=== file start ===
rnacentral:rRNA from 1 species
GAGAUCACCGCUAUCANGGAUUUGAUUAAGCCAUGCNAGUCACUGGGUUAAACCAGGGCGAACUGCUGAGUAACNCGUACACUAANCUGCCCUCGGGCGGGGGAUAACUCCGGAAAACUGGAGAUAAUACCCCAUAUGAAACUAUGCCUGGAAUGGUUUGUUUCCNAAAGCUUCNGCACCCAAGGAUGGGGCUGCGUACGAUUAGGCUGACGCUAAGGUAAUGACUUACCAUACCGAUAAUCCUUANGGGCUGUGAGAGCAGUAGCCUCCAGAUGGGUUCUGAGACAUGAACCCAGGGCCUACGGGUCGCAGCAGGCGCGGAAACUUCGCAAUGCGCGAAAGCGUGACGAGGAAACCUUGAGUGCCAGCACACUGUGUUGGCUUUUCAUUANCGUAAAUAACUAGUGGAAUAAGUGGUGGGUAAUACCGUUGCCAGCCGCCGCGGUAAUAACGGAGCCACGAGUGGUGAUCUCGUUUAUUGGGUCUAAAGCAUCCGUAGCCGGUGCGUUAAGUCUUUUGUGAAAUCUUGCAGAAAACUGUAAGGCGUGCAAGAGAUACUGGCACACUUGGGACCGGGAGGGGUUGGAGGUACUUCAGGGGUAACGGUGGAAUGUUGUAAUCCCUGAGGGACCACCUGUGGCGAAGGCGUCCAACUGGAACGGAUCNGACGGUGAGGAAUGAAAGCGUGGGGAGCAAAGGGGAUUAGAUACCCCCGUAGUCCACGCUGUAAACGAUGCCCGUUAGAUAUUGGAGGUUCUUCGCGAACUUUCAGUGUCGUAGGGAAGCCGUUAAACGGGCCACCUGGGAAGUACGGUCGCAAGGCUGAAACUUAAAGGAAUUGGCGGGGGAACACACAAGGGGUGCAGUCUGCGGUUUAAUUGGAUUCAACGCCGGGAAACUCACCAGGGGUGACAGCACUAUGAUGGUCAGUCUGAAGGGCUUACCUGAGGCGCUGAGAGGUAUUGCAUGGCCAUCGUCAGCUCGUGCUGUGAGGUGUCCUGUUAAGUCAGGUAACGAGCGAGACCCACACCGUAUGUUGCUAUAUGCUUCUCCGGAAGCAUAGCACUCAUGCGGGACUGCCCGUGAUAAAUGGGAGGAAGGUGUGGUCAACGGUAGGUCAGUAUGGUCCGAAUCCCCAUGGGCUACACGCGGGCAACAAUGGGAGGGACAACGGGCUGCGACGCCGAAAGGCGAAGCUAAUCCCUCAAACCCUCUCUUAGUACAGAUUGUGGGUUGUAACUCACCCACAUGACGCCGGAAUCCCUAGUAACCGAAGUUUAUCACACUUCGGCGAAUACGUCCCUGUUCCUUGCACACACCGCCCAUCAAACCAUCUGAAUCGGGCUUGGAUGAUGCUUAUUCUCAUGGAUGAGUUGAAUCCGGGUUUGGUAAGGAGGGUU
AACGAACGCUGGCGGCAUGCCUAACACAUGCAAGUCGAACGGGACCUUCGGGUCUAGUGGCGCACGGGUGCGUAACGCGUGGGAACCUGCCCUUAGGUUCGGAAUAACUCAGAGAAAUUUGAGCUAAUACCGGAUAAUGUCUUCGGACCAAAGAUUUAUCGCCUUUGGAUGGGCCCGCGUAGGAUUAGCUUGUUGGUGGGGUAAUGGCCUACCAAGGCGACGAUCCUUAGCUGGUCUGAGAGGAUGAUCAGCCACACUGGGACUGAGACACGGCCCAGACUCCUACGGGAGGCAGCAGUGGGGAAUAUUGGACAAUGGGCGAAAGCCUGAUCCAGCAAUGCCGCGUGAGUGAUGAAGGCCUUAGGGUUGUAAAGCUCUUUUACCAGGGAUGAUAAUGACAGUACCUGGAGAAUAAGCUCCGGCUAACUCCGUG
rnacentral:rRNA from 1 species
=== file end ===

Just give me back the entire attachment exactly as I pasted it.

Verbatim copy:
rnacentral:rRNA from 1 species
GAGAUCACCGCUAUCANGGAUUUGAUUAAGCCAUGCNAGUCACUGGGUUAAACCAGGGCGAACUGCUGAGUAACNCGUACACUAANCUGCCCUCGGGCGGGGGAUAACUCCGGAAAACUGGAGAUAAUACCCCAUAUGAAACUAUGCCUGGAAUGGUUUGUUUCCNAAAGCUUCNGCACCCAAGGAUGGGGCUGCGUACGAUUAGGCUGACGCUAAGGUAAUGACUUACCAUACCGAUAAUCCUUANGGGCUGUGAGAGCAGUAGCCUCCAGAUGGGUUCUGAGACAUGAACCCAGGGCCUACGGGUCGCAGCAGGCGCGGAAACUUCGCAAUGCGCGAAAGCGUGACGAGGAAACCUUGAGUGCCAGCACACUGUGUUGGCUUUUCAUUANCGUAAAUAACUAGUGGAAUAAGUGGUGGGUAAUACCGUUGCCAGCCGCCGCGGUAAUAACGGAGCCACGAGUGGUGAUCUCGUUUAUUGGGUCUAAAGCAUCCGUAGCCGGUGCGUUAAGUCUUUUGUGAAAUCUUGCAGAAAACUGUAAGGCGUGCAAGAGAUACUGGCACACUUGGGACCGGGAGGGGUUGGAGGUACUUCAGGGGUAACGGUGGAAUGUUGUAAUCCCUGAGGGACCACCUGUGGCGAAGGCGUCCAACUGGAACGGAUCNGACGGUGAGGAAUGAAAGCGUGGGGAGCAAAGGGGAUUAGAUACCCCCGUAGUCCACGCUGUAAACGAUGCCCGUUAGAUAUUGGAGGUUCUUCGCGAACUUUCAGUGUCGUAGGGAAGCCGUUAAACGGGCCACCUGGGAAGUACGGUCGCAAGGCUGAAACUUAAAGGAAUUGGCGGGGGAACACACAAGGGGUGCAGUCUGCGGUUUAAUUGGAUUCAACGCCGGGAAACUCACCAGGGGUGACAGCACUAUGAUGGUCAGUCUGAAGGGCUUACCUGAGGCGCUGAGAGGUAUUGCAUGGCCAUCGUCAGCUCGUGCUGUGAGGUGUCCUGUUAAGUCAGGUAACGAGCGAGACCCACACCGUAUGUUGCUAUAUGCUUCUCCGGAAGCAUAGCACUCAUGCGGGACUGCCCGUGAUAAAUGGGAGGAAGGUGUGGUCAACGGUAGGUCAGUAUGGUCCGAAUCCCCAUGGGCUACACGCGGGCAACAAUGGGAGGGACAACGGGCUGCGACGCCGAAAGGCGAAGCUAAUCCCUCAAACCCUCUCUUAGUACAGAUUGUGGGUUGUAACUCACCCACAUGACGCCGGAAUCCCUAGUAACCGAAGUUUAUCACACUUCGGCGAAUACGUCCCUGUUCCUUGCACACACCGCCCAUCAAACCAUCUGAAUCGGGCUUGGAUGAUGCUUAUUCUCAUGGAUGAGUUGAAUCCGGGUUUGGUAAGGAGGGUU
AACGAACGCUGGCGGCAUGCCUAACACAUGCAAGUCGAACGGGACCUUCGGGUCUAGUGGCGCACGGGUGCGUAACGCGUGGGAACCUGCCCUUAGGUUCGGAAUAACUCAGAGAAAUUUGAGCUAAUACCGGAUAAUGUCUUCGGACCAAAGAUUUAUCGCCUUUGGAUGGGCCCGCGUAGGAUUAGCUUGUUGGUGGGGUAAUGGCCUACCAAGGCGACGAUCCUUAGCUGGUCUGAGAGGAUGAUCAGCCACACUGGGACUGAGACACGGCCCAGACUCCUACGGGAGGCAGCAGUGGGGAAUAUUGGACAAUGGGCGAAAGCCUGAUCCAGCAAUGCCGCGUGAGUGAUGAAGGCCUUAGGGUUGUAAAGCUCUUUUACCAGGGAUGAUAAUGACAGUACCUGGAGAAUAAGCUCCGGCUAACUCCGUG
rnacentral:rRNA from 1 species